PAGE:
President Obert Masaraure
President Obert Masaraure

Zanu PF must now stop the war it declared on the Zimbabwean teachers in 1999. For many years now, the Zanu PF government has been squeezing teachers like lemons in Zimbabwe. It boggles the mind how a government can actually wage a war against its own teachers.

By Tapfuma Mushayi

One would wonder why this government still view teachers with suspicion, contempt and hatred. The ‘noble’ profession has been relegated into a disappointing occupation mocked even by rank marshals in Zimbabwe. Actually the teaching profession has been driven into a shocking state of paralysis. The teachers are dejected, demoralized and have no esteem anymore which the profession used to carry.

It should be noted that Zimbabwean teachers are the most dedicated and committed not only in our region. Despite all the hardships and negative conditions they work under in Zimbabwe, they still deliver their duties with massive diligence and commitment. For that the teachers should be recognized and applauded. Zimbabwean teachers have been on point in implementing the tedious new curriculum, updating the paper files and documents, lesson planning, co-curricular activities and a whole lot of other duties assigned to them by their superiors. In return what they get reminds us of slavery. This madness must surely be stopped.

This is the extent to which Zimbabwean teachers have sunk. A 3000 Rand per month job advertisement in South Africa has attracted massive responses from qualified teachers in Zimbabwe. A family in South Africa advertised on social media looking for a qualified teacher to work for them as a maid in Pretoria.

The maid will be helping the kids with their homework as well apart from other duties in the house. It is logical for a teacher in Buhera South to accept the offer as the 3000 Rand is more than double what the teacher is getting in Zimbabwe. Working in South Africa will also give the teacher an opportunity to live in a country with a high level of affluence and to access better services and goods.

Apart from issues to do with teacher remuneration and incentives, Zimbabwean teachers have for years been victims of state sponsored violence and brutality. Such madness started in 1999 as teachers were being punished by the Zanu PF government for sympathizing with and supporting the newly formed MDC party. The Mugabe regime confronted teachers especially those in rural areas with untold brutality with the aim to silence them and to squash their influence in society which was regarded as being anti-Zanu PF.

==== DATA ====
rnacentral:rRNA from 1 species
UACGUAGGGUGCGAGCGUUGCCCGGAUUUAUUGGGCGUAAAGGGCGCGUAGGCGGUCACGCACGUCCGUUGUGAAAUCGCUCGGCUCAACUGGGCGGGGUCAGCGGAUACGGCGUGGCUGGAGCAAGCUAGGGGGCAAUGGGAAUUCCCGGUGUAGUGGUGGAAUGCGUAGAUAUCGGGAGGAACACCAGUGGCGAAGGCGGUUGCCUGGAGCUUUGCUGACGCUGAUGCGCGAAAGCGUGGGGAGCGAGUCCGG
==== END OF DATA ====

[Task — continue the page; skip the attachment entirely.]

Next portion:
War veterans and the notorious youth brigade from the National Youth Service was unleashed in the rural areas for this purpose. In year 2010, a survey conducted by the Progressive Teachers Union of Zimbabwe (PTUZ) suggested that between 65 000-75 000 teachers were displaced from their stations due to violence by the war veterans and the rogue youth militia.

It is sad to note that violence on teachers did not end with Robert Mugabe, in the so called new dispensation the madness against teachers is still hugely visible. Obert Masaraure the President of the Amalgamated Rural Teachers Union of Zimbabwe (ARTUZ) was recently abducted and assaulted allegedly by state security agents and he was dumped outside a military base just outside Harare. It should be noted that ARTUZ had approached the High Court in 2018 seeking a court interdict to stop Zanu PF from forcing teachers and pupils to attend and boost numbers at Zanu PF political rallies.

The government of Zimbabwe should now change its paradigm in managing the teaching profession. They should accept there is an urgent need to resuscitate the profession. Students in teachers’ colleges should start feeling that they will soon be joining a profession they will enjoy working in.

The government should stop seeing enemies in the teachers but a vital human capital which takes custodianship of the country’s future, its children. The government must be heard speaking about the important role of teachers in transforming the society. The government must be seen on the ground working to restore the dignity of teachers. Actually it is the role of the state to create an enabling environment which motivates and inspires educators.

It should be noted that the government will do less for the teachers if critical political and economic structures are not created. The government will remain with no capacity to implement fair labour practices as long as the finance minister Mr Mthuli Ncube continues to mislead the nation by claiming that he has instituted measures to stabilize prices goods and services.

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